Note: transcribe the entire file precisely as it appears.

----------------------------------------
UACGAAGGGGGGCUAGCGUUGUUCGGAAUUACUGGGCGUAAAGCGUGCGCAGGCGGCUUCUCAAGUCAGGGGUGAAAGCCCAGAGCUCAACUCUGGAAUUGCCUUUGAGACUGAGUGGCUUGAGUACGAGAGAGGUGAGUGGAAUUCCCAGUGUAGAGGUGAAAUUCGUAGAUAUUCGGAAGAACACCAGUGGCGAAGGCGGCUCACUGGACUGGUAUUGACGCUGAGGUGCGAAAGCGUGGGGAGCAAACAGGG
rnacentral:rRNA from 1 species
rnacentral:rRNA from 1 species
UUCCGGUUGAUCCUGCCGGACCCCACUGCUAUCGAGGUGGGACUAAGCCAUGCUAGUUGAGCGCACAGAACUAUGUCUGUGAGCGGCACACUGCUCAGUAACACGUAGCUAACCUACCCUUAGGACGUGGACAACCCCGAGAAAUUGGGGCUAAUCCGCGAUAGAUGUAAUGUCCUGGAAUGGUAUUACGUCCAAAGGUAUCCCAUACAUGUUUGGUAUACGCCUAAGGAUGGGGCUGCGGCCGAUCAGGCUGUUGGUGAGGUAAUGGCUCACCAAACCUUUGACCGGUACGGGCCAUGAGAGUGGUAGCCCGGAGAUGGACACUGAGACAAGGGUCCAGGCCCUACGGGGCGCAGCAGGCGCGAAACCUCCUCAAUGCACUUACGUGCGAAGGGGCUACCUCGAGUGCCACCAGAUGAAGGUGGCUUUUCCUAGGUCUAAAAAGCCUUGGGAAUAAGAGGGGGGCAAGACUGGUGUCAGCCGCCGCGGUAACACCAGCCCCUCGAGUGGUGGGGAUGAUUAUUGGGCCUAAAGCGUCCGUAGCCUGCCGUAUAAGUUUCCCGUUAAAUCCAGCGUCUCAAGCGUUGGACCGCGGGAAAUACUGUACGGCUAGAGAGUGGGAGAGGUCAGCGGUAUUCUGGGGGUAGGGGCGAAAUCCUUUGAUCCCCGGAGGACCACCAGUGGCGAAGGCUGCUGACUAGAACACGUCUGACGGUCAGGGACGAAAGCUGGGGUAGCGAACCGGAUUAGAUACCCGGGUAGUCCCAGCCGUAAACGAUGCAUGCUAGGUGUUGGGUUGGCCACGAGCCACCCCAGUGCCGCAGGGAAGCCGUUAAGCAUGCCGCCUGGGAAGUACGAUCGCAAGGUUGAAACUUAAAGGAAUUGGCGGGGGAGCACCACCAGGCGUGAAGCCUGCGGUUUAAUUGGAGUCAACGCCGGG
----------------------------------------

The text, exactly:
UACGAAGGGGGGCUAGCGUUGUUCGGAAUUACUGGGCGUAAAGCGUGCGCAGGCGGCUUCUCAAGUCAGGGGUGAAAGCCCAGAGCUCAACUCUGGAAUUGCCUUUGAGACUGAGUGGCUUGAGUACGAGAGAGGUGAGUGGAAUUCCCAGUGUAGAGGUGAAAUUCGUAGAUAUUCGGAAGAACACCAGUGGCGAAGGCGGCUCACUGGACUGGUAUUGACGCUGAGGUGCGAAAGCGUGGGGAGCAAACAGGG
rnacentral:rRNA from 1 species
rnacentral:rRNA from 1 species
UUCCGGUUGAUCCUGCCGGACCCCACUGCUAUCGAGGUGGGACUAAGCCAUGCUAGUUGAGCGCACAGAACUAUGUCUGUGAGCGGCACACUGCUCAGUAACACGUAGCUAACCUACCCUUAGGACGUGGACAACCCCGAGAAAUUGGGGCUAAUCCGCGAUAGAUGUAAUGUCCUGGAAUGGUAUUACGUCCAAAGGUAUCCCAUACAUGUUUGGUAUACGCCUAAGGAUGGGGCUGCGGCCGAUCAGGCUGUUGGUGAGGUAAUGGCUCACCAAACCUUUGACCGGUACGGGCCAUGAGAGUGGUAGCCCGGAGAUGGACACUGAGACAAGGGUCCAGGCCCUACGGGGCGCAGCAGGCGCGAAACCUCCUCAAUGCACUUACGUGCGAAGGGGCUACCUCGAGUGCCACCAGAUGAAGGUGGCUUUUCCUAGGUCUAAAAAGCCUUGGGAAUAAGAGGGGGGCAAGACUGGUGUCAGCCGCCGCGGUAACACCAGCCCCUCGAGUGGUGGGGAUGAUUAUUGGGCCUAAAGCGUCCGUAGCCUGCCGUAUAAGUUUCCCGUUAAAUCCAGCGUCUCAAGCGUUGGACCGCGGGAAAUACUGUACGGCUAGAGAGUGGGAGAGGUCAGCGGUAUUCUGGGGGUAGGGGCGAAAUCCUUUGAUCCCCGGAGGACCACCAGUGGCGAAGGCUGCUGACUAGAACACGUCUGACGGUCAGGGACGAAAGCUGGGGUAGCGAACCGGAUUAGAUACCCGGGUAGUCCCAGCCGUAAACGAUGCAUGCUAGGUGUUGGGUUGGCCACGAGCCACCCCAGUGCCGCAGGGAAGCCGUUAAGCAUGCCGCCUGGGAAGUACGAUCGCAAGGUUGAAACUUAAAGGAAUUGGCGGGGGAGCACCACCAGGCGUGAAGCCUGCGGUUUAAUUGGAGUCAACGCCGGG